Myoglobinuria is a group of disorders characterized by injury of muscle and excretion of myoglobin in the urine. (“Rhabdomyolysis” has been proposed as a more precise term, focusing attention upon muscle rather than urine, but this is the kind of “progress” that is achieved by changing a name. It is more difficult to say, somewhat pompous sounding, no more revealing or scientific, and has gained favor for reasons which are difficult to fathom.)
Myoglobin may be released from muscle whenever there is extensive and rapid destruction. Sometimes, the cause is evident, as in the crush injuries of World War II when individuals were pinned beneath the timbers of buildings destroyed in bombing raids. Similar pressure injuries may occur in comatose persons who lie on one side without moving for prolonged periods. This kind of injury is perhaps more apt to occur when there are other causes of metabolic depression; for instance, in coma after suicidal ingestion of barbiturates or carbon monoxide intoxication, or prolonged unconsciousness in the snow. A similar effect may be induced by arterial occlusion by tourniquet or embolism, or even by prolonged knee-chest posture under anesthesia.
In other patients, the cause is less discernible. In every series of patients with myoglobinuria, a disproportionate number are alcoholics, but why this should occur is not known. Sometimes there has been exposure to a known membrane toxin, such as the bite of the Malayan sea snake. Or there may be metabolic alterations that do not ordinarily cause this kind of trouble, such as diarrhea with hypokalemia, diabetic acidosis, or systemic infection with fever. In many attacks, however, not even these clues prevail.
The most common cause of myoglobinuria is probably unusually vigorous exercise by an otherwise normal person, Most cases have been reported by military physicians, and local designations include such titles as the “squat-jump syndrome.” Some cases are attributed to “march hemoglobinuria.” When large numbers of recruits perform these tortures, a certain number will have attacks of myalgia followed by pigmenturia. Why these individuals have attacks and others are spared is not clear, but this seems to be a “normal” variation.
In civilians cases have been caused by the excess muscular activity of an initiation rite into a club or fraternity, and isolated attacks have occurred after the vigorous muscular activity induced by succinylcholine before it achieves relaxation. Spontaneous convulsions and electroconvulsive therapy have been followed by myoglobinuria. If an individual is subject to repeated attacks, it may be suspected that there is some kind of undiscovered genetic defect, although the only ones recognized now are deficiencies of phosphorylase or phosphofructokinase.
Clinical Manifestations Of Myoglobinuria.
In attacks other than those caused by local crushing or arterial occlusion, the clinical picture is similar. Affected muscles are apt to be the ones subject to greatest physical strain (the legs in squat-thrusts, the arms after chinning or push-ups, the arms1 and legs after wrestling matches). The muscles ache, may be swollen, and are weak. Sometimes there is so much edema that local vascular abnormalities are suspected. There may be fever and considerable malaise. Symptoms persist for several days even though pigmenturia rarely lasts more than 48 hours. Recovery may be gradual. Cranial muscles are rarely involved, and although respiratory failure is uncommon it is a hazard. The most important threat to life is renal injury secondary to excretion of heme. There may be red cells or. myoglobin in the urine as well as casts. Oliguria is followed by azotemia and hyperkalemia. This may be treated by appropriate measures.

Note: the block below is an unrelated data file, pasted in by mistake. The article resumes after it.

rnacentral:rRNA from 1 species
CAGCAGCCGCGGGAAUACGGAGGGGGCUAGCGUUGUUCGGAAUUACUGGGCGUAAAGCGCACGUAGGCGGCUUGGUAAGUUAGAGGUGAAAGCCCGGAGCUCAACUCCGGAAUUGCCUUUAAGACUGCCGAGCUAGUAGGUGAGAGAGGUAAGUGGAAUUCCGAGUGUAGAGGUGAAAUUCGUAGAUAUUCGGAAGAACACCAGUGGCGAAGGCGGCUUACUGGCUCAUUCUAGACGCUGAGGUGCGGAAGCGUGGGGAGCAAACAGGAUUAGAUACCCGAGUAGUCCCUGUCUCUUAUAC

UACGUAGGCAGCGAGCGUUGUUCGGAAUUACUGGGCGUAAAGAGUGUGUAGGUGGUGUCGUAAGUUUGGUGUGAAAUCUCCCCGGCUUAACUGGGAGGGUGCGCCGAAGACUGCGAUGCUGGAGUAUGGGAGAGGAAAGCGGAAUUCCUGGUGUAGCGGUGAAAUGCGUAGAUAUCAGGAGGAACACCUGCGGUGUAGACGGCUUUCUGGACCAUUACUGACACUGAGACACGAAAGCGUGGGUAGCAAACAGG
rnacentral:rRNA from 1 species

Diagnosis of Myoglobinuria.
The diagnosis of myoglobinuria can be made on clinical grounds and with relatively simple tests, but precise identification of the pigment depends upon biochemical analysis. The urine may appear red-brown because of hemoglobin, myoglobin, or porphyrins. The latter would not give a positive test with benzidine (or other heme-reacting reagents), and would not give a positive Watson-Schwartz test for porphobilinogen, Besides, the neurologic disorder of porphyria is neuropathy, not an acute myopathy.
If the urine gives a positive test for heme and contains no or few erythrocytes, the pigment is either myoglobin or hemoglobin. If it is hemoglobin, the serum would be pink (after a hemolytic reaction), whereas the color of the serum in myoglobinuria is normal. (This distinction depends upon the affinity of serum haptoglobin for hemoglobin and not for myoglobin. Hemoglobin is not excreted until haptoglobin is saturated by visible amounts of the pigment, whereas myoglobin is excreted at much lower concentrations.)
Furthermore, in attacks of myoglobinuria, the muscular weakness and myalgia are distinctive, and serum enzymes are greatly increased, whereas they are not in hemolysis. Positive identification of myoglobin can be achieved by several tests: absorption spectrophotometry is direct and simple, but in many laboratories the most convenient method is electrophoresis on starch gel or cellulose acetate. In the future, immunochemical methods are apt to gain favor.
If there is no renal injury, myoglobinuria is not threatening. The hazards of renal injury are not directly correlated to the amount of pigment excreted, and other factors are probably involved. Once an attack starts, it is useful to encourage excretion of dilute*urine, and some authorities still favor alkalinizing agents although it has not been clearly demonstrated ‘hat these treatments protect the kidneys.